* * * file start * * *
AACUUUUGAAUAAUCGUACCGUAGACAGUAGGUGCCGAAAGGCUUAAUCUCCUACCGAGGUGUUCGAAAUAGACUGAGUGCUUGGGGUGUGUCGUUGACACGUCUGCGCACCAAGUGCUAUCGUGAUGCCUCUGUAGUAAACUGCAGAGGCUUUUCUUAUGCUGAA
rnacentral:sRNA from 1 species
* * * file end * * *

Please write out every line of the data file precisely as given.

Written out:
AACUUUUGAAUAAUCGUACCGUAGACAGUAGGUGCCGAAAGGCUUAAUCUCCUACCGAGGUGUUCGAAAUAGACUGAGUGCUUGGGGUGUGUCGUUGACACGUCUGCGCACCAAGUGCUAUCGUGAUGCCUCUGUAGUAAACUGCAGAGGCUUUUCUUAUGCUGAA
rnacentral:sRNA from 1 species